The CW's Dawn Ostroff is now the longest-sitting broadcast entertainment president, something wryly noted in CW communications chief Paul Hewitt's introduction for Ostroff's question and answer session at the Television Critics Association summer Press Tour Thursday.
But Ostroff, who has run The CW since its inception in 2006 - and ran UPN before that - said top TV jobs are nonetheless inherently temporary.
"I've been in this job, between UPN and The CW for nine years now," she said. "This is my ninth Press Tour. And I always says they're rented chairs. It's a rented seat. "
Ostroff was responding to a question about the abrupt resignation of Steve McPherson from ABC on the eve of the Press Tour July 27.
"I've seen a lot of people come and go in these jobs, and a lot of people who I respect a lot," continued Ostroff. "So for us it's just not that unusual. I wish Steve all the best."
But if The CW, which like it's corporate big sister CBS seems like the picture of stability, the little network also has a lot at stake this fall when it will expand its original programming to five nights a week from four and continue to look for more revenue opportunities for online streaming.
The CW has expanded the ad load in episodes streamed online to mirror the linear television ad minutes, while other networks keep online ad-loads markedly thinner.
"The idea was we wanted [the ad load] to be interchangeable whether they're watching it online or on air," said Ostroff. "What we have found so far is that the viewers will sit there and watch more commercial content in [streaming episodes]. I think this could be a blue print for the rest of the industry. We've all been trying to figure it out."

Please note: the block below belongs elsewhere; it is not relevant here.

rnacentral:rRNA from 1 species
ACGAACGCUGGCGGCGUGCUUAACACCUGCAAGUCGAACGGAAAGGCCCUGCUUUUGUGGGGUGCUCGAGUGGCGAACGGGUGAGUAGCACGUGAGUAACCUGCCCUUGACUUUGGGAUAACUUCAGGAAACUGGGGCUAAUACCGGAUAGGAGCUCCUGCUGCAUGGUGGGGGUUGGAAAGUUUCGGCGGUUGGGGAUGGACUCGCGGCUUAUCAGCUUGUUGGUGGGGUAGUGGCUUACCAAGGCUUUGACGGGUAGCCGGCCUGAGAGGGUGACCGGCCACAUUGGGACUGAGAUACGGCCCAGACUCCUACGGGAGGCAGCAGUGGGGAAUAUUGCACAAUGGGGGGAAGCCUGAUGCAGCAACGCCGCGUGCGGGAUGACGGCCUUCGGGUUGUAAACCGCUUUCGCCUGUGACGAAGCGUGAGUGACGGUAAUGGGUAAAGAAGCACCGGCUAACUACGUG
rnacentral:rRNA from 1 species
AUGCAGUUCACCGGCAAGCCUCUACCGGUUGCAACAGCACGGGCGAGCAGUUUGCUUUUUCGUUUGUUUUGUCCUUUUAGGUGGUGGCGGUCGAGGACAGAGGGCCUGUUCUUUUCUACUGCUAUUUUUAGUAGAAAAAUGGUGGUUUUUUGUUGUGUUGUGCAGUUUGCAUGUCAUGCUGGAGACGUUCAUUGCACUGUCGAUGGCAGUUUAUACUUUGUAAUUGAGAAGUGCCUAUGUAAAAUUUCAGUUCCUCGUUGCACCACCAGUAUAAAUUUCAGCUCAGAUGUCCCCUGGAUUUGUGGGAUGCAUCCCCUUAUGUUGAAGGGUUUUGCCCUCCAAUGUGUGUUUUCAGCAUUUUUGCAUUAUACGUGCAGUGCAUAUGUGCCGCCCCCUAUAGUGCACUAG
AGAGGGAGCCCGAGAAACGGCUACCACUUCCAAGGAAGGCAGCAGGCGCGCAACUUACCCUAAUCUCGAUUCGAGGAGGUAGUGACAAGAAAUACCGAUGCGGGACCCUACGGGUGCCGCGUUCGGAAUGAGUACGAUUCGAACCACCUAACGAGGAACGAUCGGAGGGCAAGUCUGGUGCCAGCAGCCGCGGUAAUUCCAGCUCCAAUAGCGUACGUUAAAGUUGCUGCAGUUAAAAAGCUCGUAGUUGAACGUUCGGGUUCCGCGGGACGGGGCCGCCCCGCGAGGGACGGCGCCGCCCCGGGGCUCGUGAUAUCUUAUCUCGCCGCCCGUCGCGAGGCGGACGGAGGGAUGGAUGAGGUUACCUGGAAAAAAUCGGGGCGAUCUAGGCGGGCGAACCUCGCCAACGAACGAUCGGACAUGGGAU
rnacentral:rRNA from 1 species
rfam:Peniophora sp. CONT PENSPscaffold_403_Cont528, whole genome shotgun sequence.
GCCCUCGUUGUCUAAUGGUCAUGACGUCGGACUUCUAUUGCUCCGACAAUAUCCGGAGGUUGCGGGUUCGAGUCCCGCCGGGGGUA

She touted the network's pioneering use of Facebook and Twitter, pointing out that The CW's young, wired, platform agnostic viewers made those initiatives obligatory. And the network's online sales initiative and innovations in measuring viewers online, said Ostroff, is beginning to show meaningful profit in the digital space.
"We've developed a way to measure and sell online demographics that have been fully embraced by the advertising community," said Ostroff. "So we're no longer looking at digital pennies. We've achieved digital dollars."
CW will launch two new dramas in the fall, Hellcats, which will air Wednesdays at 9 p.m. after America's Next Top Model, and Nikita, which will get the post-Vampire Diaries slot Thursdays at 9 p.m.
Ostroff described Nikita, an action hour starring Maggie Q, as a departure from the CW's melodramatic, soapy brand. And she noted that Hellcats was "an underdog" during the development process. But she said, the fact that the show, about a college cheerleading squad, had "big production numbers" (echoes of Glee) helped sell it.
"We really were all surprised that we liked [Hellcats] as much as we did," she said. "People like watching the dancing and the cheering. We think it's going to do very well after Top Model."